WTI touched above $40 a barrel for the first time in two weeks Monday, erasing early losses as the US dollar faded and hopes rose for an agreement this week among state producers that look to reduce the global crude over supply.
West Texas Intermediate was up to $40.60 a barrel on NYMEX, while the global Brent crude benchmark was up to $42.87 a barrel on the ICE Futures Europe Exchange.
The Wall Street Journal reported “analysts said there appeared to be little direct reason for the gains Monday, and said it was likely a combination of a softening dollar, hopes that U.S. oil production and inventory data this week would build on declines last week and that Sunday’s meeting of producers in Doha would yield an agreement to freeze output levels.”
The price of oil has surged more than 14% in the last week, including a 6% gain Friday, as EIA data last week showed a lowering of U.S. supplies. Meanwhile, investors have become optimistic that Sunday’s meeting in Doha will yield actionable results.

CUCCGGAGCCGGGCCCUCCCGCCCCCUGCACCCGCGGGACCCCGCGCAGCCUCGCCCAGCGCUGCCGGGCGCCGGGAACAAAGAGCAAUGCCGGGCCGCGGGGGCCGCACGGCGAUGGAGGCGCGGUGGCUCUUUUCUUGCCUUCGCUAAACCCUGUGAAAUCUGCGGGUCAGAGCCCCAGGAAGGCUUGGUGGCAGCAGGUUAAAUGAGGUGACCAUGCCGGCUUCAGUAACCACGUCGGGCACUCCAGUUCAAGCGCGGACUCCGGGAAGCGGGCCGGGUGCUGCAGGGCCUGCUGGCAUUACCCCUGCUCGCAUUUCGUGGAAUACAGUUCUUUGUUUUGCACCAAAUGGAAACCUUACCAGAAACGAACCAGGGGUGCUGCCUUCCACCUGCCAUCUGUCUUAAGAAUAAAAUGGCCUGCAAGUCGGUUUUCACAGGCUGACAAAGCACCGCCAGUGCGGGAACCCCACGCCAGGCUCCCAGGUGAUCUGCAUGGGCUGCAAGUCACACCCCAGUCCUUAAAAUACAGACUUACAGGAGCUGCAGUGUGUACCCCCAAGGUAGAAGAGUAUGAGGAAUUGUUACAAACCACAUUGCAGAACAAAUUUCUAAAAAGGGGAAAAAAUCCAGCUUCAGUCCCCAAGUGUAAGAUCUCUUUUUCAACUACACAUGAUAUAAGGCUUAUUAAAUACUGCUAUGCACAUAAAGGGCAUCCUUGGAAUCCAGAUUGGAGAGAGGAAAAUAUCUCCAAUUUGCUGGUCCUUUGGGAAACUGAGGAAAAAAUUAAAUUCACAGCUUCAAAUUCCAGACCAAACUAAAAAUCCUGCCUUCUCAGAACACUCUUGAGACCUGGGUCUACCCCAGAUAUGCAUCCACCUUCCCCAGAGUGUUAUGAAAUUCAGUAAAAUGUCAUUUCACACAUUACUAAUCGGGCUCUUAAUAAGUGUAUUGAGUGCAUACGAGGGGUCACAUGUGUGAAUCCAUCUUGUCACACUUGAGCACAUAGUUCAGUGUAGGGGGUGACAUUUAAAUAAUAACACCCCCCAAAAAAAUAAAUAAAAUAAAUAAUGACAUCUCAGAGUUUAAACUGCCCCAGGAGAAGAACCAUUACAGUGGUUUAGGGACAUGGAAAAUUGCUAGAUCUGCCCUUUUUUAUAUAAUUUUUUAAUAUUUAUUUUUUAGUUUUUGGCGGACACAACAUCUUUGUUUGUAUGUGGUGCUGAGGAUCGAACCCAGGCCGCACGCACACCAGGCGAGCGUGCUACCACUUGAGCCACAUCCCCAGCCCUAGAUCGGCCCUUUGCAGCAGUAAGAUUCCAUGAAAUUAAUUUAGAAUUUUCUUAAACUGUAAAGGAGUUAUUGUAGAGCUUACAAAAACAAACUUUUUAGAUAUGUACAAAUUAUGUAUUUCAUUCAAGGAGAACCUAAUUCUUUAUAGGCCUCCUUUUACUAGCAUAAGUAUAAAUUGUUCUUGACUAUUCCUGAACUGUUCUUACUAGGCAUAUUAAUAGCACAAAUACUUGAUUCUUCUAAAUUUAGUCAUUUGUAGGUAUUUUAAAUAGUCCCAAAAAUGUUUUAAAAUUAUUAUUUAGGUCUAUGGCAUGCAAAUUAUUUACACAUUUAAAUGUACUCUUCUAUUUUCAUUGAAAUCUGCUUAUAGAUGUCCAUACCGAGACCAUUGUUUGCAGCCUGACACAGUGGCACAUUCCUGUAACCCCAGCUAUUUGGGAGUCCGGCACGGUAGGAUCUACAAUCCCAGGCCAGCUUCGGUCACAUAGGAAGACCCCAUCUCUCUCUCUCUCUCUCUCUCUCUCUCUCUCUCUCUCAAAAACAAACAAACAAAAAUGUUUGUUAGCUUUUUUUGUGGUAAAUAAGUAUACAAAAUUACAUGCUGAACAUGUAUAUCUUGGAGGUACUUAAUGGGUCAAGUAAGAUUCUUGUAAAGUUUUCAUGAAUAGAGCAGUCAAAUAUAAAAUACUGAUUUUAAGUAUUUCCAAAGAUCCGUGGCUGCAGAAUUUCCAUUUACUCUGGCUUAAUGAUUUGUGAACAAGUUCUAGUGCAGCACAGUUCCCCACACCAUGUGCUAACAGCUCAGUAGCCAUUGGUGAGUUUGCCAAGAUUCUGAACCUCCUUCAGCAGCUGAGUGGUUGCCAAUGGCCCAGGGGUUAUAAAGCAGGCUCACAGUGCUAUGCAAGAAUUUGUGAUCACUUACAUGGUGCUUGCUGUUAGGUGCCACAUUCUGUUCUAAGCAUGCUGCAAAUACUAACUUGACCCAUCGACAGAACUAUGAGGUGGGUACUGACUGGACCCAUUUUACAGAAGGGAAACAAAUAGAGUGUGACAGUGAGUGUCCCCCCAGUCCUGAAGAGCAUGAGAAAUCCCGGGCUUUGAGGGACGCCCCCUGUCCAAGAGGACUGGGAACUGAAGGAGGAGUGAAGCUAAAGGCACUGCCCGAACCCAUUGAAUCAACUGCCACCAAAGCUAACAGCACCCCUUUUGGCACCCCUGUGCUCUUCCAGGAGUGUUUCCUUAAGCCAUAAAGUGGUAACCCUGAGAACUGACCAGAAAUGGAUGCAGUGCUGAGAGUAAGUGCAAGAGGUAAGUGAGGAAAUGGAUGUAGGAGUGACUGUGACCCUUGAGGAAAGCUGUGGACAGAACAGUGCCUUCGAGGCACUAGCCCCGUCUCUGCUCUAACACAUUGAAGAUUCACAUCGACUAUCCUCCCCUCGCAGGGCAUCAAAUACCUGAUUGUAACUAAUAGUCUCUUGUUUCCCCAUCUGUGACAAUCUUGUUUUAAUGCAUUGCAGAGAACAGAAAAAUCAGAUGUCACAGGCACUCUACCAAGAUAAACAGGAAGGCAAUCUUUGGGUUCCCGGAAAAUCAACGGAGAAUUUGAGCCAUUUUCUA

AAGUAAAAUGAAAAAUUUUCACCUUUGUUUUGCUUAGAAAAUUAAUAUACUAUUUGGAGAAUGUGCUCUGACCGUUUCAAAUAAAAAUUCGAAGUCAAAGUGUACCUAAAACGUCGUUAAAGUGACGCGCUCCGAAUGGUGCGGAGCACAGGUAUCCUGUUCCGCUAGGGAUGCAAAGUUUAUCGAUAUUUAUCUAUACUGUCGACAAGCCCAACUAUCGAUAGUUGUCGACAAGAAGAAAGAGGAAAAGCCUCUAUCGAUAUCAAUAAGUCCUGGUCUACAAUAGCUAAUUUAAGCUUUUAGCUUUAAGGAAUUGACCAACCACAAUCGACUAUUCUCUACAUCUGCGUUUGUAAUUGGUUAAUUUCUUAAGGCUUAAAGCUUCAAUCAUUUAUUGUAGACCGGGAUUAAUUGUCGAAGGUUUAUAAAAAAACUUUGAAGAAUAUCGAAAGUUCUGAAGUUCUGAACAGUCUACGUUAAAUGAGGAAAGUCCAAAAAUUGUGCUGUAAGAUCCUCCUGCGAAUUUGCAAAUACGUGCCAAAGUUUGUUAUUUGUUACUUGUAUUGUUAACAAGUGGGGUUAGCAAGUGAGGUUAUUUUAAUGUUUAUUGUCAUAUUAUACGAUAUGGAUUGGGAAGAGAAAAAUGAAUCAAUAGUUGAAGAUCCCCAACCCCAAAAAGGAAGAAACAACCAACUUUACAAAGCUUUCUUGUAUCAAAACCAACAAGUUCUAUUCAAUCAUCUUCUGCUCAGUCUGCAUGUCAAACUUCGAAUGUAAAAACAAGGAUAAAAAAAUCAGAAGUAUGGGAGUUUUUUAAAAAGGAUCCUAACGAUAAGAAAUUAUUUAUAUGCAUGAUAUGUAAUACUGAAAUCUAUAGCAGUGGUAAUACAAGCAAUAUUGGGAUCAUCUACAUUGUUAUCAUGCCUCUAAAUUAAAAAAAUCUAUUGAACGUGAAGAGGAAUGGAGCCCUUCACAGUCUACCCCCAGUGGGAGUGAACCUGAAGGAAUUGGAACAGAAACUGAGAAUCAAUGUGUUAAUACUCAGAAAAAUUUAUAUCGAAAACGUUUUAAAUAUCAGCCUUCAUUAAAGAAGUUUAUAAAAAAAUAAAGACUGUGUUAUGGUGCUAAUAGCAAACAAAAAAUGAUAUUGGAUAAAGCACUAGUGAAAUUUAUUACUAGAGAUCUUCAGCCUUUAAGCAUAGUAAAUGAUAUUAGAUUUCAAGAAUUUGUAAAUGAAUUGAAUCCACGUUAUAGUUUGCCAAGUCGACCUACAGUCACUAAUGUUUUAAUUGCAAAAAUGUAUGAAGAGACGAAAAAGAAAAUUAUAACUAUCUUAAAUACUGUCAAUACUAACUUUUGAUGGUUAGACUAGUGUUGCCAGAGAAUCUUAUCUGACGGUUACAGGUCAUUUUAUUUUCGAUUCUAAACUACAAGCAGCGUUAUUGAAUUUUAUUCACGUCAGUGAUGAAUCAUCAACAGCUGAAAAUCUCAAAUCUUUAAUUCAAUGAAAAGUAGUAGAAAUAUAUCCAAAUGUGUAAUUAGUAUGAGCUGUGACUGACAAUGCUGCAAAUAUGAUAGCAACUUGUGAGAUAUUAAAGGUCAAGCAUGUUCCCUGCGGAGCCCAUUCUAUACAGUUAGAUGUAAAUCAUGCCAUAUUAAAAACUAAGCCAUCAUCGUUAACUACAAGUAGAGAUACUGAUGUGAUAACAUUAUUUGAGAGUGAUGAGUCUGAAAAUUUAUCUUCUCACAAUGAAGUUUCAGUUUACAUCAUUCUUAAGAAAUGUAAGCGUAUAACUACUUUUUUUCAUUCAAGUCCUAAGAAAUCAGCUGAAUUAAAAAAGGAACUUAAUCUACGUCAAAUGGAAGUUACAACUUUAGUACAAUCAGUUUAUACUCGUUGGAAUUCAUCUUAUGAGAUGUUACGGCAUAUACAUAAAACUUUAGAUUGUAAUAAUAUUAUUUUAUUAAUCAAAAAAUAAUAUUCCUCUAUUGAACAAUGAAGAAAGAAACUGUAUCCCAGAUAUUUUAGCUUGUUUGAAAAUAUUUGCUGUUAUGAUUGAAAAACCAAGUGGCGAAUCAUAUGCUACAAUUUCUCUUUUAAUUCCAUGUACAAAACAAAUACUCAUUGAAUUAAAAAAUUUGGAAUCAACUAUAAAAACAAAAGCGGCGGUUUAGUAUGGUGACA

But still, there is a coterie of analysts who think that even if an agreement is reached, little will be done to correct the world’s growing crude glut. Government officials in Iraq said Sunday that it boosted production to a record 4.55 million barrels a day in March.
The Wall Street Journal reported “Morgan Stanley said the 4.9 million barrel decline in U.S. inventory was counter-seasonal and due to a number of factors that won’t be repeated. The bank predicted that sentiment will turn negative again this week leading to lower oil prices.”
Members of OPEC and Russia are scheduled to meet in Doha on Sunday to discuss capping oil production at January or February levels.
“We do not expect the meeting to deliver a bullish surprise as we believe production cuts make little sense given it has taken 18 months for the rebalancing to finally start,” Goldman Sachs said recently in a note.
Conversely, investors are looking at nodes of substantial oil demand, such as China, to consume excess crude.
“In February, China’s crude imports rose nearly 25% on-year to 31.8 million metric tons, equivalent to roughly 8 million barrels a day, the highest daily average on the record,” reported the Wall Street Journal.